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Trump Calls Comey 'a Leaker,' Says He's Vindicated After Senate Hearing

President Donald Trump responded early Friday to the dramatic Senate testimony given by ousted FBI Director James Comey.
Image: President Donald Trump, at the White House
President Donald Trump, at the White House on May 31, 2017.Cheriss May / NurPhoto via Getty Images

President Donald Trump fired back early Friday after the dramatic Senate testimony given by ousted FBI Director James Comey, tweeting that it was the Washington veteran who spun a tale of "lies."

"Despite so many false statements and lies, total and complete vindication ... and WOW, Comey is a leaker," Trump wrote, breaking his silence after Comey's more than two and half hours of public testimony Thursday. Trump didn't specify why he thought Comey lied and how he was vindicated.

Later Friday, Trump retweeted noted Harvard Law School professor Alan Dershowitz, who defended the president from a legal standpoint, if not a political one.

"We should stop talking about obstruction of justice. No plausible case. We must distinguish crimes from pol sins," Dershowitz wrote.

During the highly charged hearing in front of the Senate Intelligence Committee, a blunt-talking Comey said that he was "confused" when Trump said in May that he was firing him over the plummeting morale at the agency — a stunning dismissal that left Washington reeling.

"The administration then chose to defame me, and more importantly, the FBI by saying the organization was in disarray, that it was poorly led, that the workforce had lost confidence in its leader," Comey said.

Related: Experts: Trump’s Comey Firing ‘Possibly Lawful, But Awful’

Comey, who was fired May 9 amid his investigation into alleged Russian meddling in the 2016 election, also revealed that he orchestrated a disclosure of details about conversations he had with Trump.

"I was honestly concerned that he might lie about the nature of our meeting," he said under oath, "and so I thought it really important to document."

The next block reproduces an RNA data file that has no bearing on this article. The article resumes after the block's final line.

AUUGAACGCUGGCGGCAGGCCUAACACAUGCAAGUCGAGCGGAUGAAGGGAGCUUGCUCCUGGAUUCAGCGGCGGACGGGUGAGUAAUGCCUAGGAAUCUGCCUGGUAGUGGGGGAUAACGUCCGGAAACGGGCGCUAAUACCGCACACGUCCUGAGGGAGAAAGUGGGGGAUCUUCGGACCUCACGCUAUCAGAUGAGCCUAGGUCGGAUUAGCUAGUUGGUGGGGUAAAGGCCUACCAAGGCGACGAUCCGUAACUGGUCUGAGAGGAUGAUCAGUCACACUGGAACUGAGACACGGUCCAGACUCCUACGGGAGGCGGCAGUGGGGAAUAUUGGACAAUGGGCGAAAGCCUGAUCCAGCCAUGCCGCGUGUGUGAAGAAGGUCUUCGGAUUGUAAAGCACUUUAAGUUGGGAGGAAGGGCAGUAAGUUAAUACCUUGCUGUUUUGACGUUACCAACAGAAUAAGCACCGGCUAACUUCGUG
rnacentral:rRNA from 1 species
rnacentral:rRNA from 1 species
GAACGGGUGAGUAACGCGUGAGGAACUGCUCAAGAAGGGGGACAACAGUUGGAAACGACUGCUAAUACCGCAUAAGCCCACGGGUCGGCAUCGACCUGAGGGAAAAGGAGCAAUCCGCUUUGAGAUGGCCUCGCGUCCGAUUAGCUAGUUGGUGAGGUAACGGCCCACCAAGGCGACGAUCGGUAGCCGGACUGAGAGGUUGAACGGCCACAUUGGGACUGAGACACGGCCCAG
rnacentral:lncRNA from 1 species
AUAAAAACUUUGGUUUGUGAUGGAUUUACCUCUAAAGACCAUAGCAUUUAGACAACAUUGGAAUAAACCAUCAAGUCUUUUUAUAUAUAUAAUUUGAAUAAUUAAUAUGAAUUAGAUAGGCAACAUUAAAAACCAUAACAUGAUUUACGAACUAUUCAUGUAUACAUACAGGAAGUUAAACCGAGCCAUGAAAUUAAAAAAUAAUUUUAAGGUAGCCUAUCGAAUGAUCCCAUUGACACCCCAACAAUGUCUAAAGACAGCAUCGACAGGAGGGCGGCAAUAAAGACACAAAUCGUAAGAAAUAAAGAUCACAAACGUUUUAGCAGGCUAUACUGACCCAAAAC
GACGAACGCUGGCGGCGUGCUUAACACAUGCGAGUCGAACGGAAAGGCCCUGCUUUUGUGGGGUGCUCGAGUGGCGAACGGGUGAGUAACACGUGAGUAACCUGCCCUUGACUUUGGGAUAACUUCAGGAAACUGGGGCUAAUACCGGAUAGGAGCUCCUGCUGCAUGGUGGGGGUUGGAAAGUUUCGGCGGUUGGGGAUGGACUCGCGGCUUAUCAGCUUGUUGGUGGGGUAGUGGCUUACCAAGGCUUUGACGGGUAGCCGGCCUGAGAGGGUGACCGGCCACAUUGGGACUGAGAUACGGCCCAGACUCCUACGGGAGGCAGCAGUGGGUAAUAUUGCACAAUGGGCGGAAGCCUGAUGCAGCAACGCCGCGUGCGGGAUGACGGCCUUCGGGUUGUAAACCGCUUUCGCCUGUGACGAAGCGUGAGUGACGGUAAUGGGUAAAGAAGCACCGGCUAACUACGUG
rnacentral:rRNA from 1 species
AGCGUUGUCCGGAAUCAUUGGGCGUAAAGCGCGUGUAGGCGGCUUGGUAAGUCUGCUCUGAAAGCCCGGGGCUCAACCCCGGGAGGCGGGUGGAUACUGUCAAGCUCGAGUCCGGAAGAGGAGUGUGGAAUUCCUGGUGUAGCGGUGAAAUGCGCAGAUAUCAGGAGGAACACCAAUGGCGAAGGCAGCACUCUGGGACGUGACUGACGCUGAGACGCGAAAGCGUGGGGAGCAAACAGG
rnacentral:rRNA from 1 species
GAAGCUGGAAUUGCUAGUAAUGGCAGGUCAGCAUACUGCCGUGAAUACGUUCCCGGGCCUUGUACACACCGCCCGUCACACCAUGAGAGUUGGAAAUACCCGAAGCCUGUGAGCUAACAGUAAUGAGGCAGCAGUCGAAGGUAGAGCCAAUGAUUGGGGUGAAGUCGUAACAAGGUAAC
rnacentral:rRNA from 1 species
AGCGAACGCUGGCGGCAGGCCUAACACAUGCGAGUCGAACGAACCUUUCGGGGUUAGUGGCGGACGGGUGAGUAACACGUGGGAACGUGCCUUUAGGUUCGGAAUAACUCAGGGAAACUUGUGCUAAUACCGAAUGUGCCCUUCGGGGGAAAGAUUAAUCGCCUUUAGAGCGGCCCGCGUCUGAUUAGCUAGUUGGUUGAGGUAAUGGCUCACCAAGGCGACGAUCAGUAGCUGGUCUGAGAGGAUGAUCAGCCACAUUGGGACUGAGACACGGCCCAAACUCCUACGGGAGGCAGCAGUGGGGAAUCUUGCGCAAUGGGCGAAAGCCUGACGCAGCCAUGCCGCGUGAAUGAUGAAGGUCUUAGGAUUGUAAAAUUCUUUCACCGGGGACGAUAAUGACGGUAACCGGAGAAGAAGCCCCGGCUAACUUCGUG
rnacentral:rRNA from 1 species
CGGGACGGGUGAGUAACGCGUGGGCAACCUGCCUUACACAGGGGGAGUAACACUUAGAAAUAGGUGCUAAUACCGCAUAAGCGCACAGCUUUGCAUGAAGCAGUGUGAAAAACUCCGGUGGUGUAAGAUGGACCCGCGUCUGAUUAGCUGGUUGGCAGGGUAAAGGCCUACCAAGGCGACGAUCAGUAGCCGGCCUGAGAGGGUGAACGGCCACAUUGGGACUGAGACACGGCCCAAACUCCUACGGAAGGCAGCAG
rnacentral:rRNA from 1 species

Comey said that he considered making memos of those conversations public after Trump cryptically tweeted on May 12 that "Comey better hope that there are no 'tapes' of our conversations before he starts leaking to the press!"

After mulling it over "in the middle of the night," he said he asked a "good friend" — a Columbia Law professor later identified as Daniel Richman — to leak contents to a reporter from one of those private memos.

In the memo, Comey said that Trump had asked him to shut down an investigation into former National Security Adviser Michael Flynn, raising questions about potential obstruction of justice by the president. He also testified that Trump repeatedly demanded his "loyalty" from him before his firing.

Ultimately, Comey told the committee, he wanted what was in the unclassified memo made public because, "I thought it might prompt the appointment of a special counsel" in the Russia inquiry.

Trump's personal lawyer, Marc Kasowitz, said minutes after Thursday's hearing that Comey was wrong to make "unauthorized disclosures" of privileged communications, but that the president feels "vindicated" after Comey testified that Trump was not under any FBI investigation.

Related: James Comey Hearing: Full Transcript of Ex-FBI Chief’s Testimony

"The president also never told Mr. Comey, 'I need loyalty, I expect loyalty,' in form or substance," Kasowitz told reporters.

Former Trump campaign manager Corey Lewandowski also stood behind the president Friday, saying on TODAY that Comey "wasn't man enough" to turn over his memo personally to the press.

When asked whether the president has "tapes" of his conversation with Comey, as Trump suggested in his tweet, Lewandowski added that he doesn't know and Comey should still be worried.

"I think Jim Comey's credibility is at about zero right now," he said.

Until Friday morning's tweet at 6:10 a.m. ET, Trump had not posted on Twitter for almost two days. If he had waited another three minutes, it would have been the longest no-tweet stretch since announcing his candidacy, according to The Washington Post.